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Oral History Interview with Mabel Williams, August 20, 1999. Interview K-0266. Southern Oral History Program Collection (#4007).
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  • Abstract
    Mabel Williams paints a vivid picture of segregated Monroe, North Carolina, detailing the subjugation that ate away at African Americans' sense of self. Among those who resisted was Williams's husband, Robert, the descendant of a long line of assertive African Americans, who slept with a pearl-handled revolver under his pillow. Williams remembers Robert for much of this interview, describing how his militant, assertive conviction in racial equality clashed with the rigid segregationist mentality in Monroe. Unable to assimilate in the way that many African Americans did, Robert earned the ire of white city fathers, who prevented him from finding employment in a quest to injure him and his family and undermine his masculinity. The local newspaper stopped printing his letters, one of his only safety valves for expressing the frustrations that gave him migraine headaches. But these efforts at stifling Robert's activism failed; he only grew more determined to resist white supremacy, arming himself and training fellow African Americans in armed self-defense. Guns became an important part of the Williamses' lives, whether on Robert's hip or on the seat of the car next to Mabel. Thus protected, Robert organized demonstrations to desegregate an all-white swimming pool, and even ran for mayor. Williams eventually left not only Monroe, but the United States altogether. This interview is a detailed account of the life and work of one civil rights activist who believed in violent resistance in a time of nonviolent protest.
    Excerpts
  • Segregation instills a subservient mind-set
  • African Americans struggle to cultivate pride amid a barrage of casual racism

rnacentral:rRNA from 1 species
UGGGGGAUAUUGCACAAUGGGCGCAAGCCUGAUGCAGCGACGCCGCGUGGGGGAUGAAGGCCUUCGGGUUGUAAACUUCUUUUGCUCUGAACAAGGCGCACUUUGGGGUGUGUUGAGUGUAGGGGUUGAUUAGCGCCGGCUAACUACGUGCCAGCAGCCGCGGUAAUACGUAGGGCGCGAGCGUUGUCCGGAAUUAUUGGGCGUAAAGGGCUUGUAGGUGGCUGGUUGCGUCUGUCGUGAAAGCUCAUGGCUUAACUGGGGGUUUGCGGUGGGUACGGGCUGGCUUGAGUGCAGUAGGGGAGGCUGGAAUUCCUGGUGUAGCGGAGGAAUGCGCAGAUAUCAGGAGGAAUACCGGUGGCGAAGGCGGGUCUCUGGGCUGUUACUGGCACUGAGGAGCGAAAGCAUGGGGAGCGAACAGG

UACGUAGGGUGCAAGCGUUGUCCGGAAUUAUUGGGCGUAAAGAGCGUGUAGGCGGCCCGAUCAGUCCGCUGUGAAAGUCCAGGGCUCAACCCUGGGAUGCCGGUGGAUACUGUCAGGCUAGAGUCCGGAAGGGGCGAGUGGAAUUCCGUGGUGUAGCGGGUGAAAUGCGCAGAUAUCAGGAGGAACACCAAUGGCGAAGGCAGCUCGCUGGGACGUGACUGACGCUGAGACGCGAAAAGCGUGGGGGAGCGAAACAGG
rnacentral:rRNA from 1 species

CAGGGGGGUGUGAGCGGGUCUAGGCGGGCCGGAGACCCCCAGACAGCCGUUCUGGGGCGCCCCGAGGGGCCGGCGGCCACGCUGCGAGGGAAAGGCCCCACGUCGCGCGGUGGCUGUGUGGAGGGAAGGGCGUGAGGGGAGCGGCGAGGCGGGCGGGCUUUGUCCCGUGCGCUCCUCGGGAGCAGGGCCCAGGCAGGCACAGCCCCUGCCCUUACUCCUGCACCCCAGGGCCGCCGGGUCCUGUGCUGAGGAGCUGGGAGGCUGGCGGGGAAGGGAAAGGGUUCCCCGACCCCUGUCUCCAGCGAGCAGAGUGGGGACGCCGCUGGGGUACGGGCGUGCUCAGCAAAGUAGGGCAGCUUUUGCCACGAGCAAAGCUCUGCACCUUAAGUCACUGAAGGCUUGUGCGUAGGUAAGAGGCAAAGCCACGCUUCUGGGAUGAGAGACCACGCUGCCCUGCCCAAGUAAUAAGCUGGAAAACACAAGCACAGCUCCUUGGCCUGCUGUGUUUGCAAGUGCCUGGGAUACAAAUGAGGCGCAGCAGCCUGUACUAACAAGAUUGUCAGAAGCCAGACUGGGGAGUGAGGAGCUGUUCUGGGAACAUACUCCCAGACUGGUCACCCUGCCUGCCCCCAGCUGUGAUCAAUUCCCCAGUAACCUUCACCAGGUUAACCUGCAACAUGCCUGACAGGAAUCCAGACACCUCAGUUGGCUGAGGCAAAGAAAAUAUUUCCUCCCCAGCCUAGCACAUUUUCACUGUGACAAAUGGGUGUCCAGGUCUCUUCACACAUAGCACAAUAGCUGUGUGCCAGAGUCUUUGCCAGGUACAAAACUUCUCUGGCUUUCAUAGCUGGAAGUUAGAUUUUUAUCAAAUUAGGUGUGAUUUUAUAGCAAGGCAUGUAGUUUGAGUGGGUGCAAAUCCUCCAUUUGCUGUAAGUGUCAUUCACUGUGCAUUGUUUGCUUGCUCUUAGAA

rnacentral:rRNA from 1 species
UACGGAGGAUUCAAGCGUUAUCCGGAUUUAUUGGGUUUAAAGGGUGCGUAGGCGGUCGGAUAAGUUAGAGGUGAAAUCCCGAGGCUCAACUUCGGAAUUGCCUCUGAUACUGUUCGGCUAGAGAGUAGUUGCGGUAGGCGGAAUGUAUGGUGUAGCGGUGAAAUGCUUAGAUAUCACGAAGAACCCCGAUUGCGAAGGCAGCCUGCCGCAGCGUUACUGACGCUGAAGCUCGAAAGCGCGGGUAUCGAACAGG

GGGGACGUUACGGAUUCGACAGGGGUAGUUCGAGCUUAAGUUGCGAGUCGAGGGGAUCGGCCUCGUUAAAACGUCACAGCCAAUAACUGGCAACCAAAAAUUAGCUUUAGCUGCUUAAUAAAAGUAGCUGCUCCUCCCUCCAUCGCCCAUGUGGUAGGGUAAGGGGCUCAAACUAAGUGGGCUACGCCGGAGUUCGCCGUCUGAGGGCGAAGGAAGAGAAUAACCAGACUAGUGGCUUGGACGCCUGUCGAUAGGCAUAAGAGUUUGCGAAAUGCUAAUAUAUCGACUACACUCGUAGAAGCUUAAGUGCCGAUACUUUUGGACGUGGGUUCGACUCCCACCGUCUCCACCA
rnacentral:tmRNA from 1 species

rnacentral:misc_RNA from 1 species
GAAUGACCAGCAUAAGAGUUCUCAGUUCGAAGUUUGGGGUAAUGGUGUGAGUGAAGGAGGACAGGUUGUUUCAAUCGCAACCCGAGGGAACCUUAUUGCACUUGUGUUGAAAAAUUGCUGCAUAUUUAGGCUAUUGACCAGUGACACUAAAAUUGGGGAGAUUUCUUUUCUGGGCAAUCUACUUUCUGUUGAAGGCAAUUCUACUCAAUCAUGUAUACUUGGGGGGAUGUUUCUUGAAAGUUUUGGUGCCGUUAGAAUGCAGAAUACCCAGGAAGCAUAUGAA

• Unhealthy conditions in black area of a segregated hospital
  • Racial discrimination in a wealthy home
  • Robert Williams's desire "to stand up for the right thing"
  • Robert Williams's bold legacy
  • Robert Williams's family history of empowerment
  • Materialism hurts the United States
  • Robert Williams's activism troubles some of his black peers
  • Letters to newspapers are a safety valve for the pressure of segregation
  • NAACP members face retaliation
  • Support from some churchmen for a black activist, but most whites seek to harm him
  • Founding The Crusader
  • African-American activists defend their home against violent attacks
  • Robert Williams's assertiveness unites the black community in Monroe
  • African Americans in Monroe facilitate Robert Williams's militant resistance
  • Demonstrations to desegregation a swimming pool
  • Robert Williams displays guns to intimidate white segregationists
  • Three attempts on Robert Williams's life
  • Learn More
  • Finding aid to the Southern Oral History Program Collection
  • Database of all Southern Oral History Program Collection interviews
  • The Southern Oral History Program transcripts presented here on Documenting the American South undergo an editorial process to remove transcription errors. Texts may differ from the original transcripts held by the Southern Historical Collection.

    Funding from the Institute for Museum and Library Services supported the electronic publication of this title.